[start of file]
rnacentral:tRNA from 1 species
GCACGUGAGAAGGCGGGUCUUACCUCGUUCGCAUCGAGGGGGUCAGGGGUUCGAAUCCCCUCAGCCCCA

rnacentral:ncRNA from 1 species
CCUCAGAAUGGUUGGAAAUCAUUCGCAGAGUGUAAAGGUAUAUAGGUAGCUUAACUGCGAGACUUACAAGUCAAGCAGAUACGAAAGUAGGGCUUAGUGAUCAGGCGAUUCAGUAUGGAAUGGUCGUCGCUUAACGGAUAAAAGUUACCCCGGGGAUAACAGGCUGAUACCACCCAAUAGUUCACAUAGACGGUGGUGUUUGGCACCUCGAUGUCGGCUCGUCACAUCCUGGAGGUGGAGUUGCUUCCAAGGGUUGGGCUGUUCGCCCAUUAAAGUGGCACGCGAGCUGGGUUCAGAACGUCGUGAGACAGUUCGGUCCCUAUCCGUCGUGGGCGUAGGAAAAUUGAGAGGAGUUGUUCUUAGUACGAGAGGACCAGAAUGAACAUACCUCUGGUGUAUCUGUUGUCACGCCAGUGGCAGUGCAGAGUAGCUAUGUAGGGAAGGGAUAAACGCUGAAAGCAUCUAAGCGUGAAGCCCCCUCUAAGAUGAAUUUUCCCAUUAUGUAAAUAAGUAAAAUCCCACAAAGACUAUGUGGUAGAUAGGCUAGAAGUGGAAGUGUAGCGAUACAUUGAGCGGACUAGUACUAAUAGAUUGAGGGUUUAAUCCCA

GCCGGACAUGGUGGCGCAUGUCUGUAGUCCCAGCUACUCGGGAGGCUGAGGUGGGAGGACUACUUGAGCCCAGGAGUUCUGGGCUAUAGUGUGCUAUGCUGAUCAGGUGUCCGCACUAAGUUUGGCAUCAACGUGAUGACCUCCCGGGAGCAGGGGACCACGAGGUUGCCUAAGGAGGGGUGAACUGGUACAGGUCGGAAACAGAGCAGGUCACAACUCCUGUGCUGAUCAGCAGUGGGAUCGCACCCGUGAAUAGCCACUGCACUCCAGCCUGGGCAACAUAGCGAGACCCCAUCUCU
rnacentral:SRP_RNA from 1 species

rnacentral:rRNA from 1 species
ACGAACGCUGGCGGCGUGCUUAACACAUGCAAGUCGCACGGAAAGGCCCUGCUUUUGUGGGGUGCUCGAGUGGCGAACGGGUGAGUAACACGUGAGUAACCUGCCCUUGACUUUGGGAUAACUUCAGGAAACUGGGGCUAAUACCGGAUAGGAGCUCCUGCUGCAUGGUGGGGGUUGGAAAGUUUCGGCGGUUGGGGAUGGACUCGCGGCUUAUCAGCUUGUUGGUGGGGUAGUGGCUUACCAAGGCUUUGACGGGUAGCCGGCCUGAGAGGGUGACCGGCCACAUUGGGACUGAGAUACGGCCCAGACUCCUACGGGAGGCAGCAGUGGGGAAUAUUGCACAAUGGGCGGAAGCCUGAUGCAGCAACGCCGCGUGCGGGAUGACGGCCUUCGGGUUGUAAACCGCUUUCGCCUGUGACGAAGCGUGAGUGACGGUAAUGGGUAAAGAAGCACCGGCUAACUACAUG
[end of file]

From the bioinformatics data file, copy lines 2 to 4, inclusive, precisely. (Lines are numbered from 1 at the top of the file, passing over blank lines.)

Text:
GCACGUGAGAAGGCGGGUCUUACCUCGUUCGCAUCGAGGGGGUCAGGGGUUCGAAUCCCCUCAGCCCCA

rnacentral:ncRNA from 1 species
CCUCAGAAUGGUUGGAAAUCAUUCGCAGAGUGUAAAGGUAUAUAGGUAGCUUAACUGCGAGACUUACAAGUCAAGCAGAUACGAAAGUAGGGCUUAGUGAUCAGGCGAUUCAGUAUGGAAUGGUCGUCGCUUAACGGAUAAAAGUUACCCCGGGGAUAACAGGCUGAUACCACCCAAUAGUUCACAUAGACGGUGGUGUUUGGCACCUCGAUGUCGGCUCGUCACAUCCUGGAGGUGGAGUUGCUUCCAAGGGUUGGGCUGUUCGCCCAUUAAAGUGGCACGCGAGCUGGGUUCAGAACGUCGUGAGACAGUUCGGUCCCUAUCCGUCGUGGGCGUAGGAAAAUUGAGAGGAGUUGUUCUUAGUACGAGAGGACCAGAAUGAACAUACCUCUGGUGUAUCUGUUGUCACGCCAGUGGCAGUGCAGAGUAGCUAUGUAGGGAAGGGAUAAACGCUGAAAGCAUCUAAGCGUGAAGCCCCCUCUAAGAUGAAUUUUCCCAUUAUGUAAAUAAGUAAAAUCCCACAAAGACUAUGUGGUAGAUAGGCUAGAAGUGGAAGUGUAGCGAUACAUUGAGCGGACUAGUACUAAUAGAUUGAGGGUUUAAUCCCA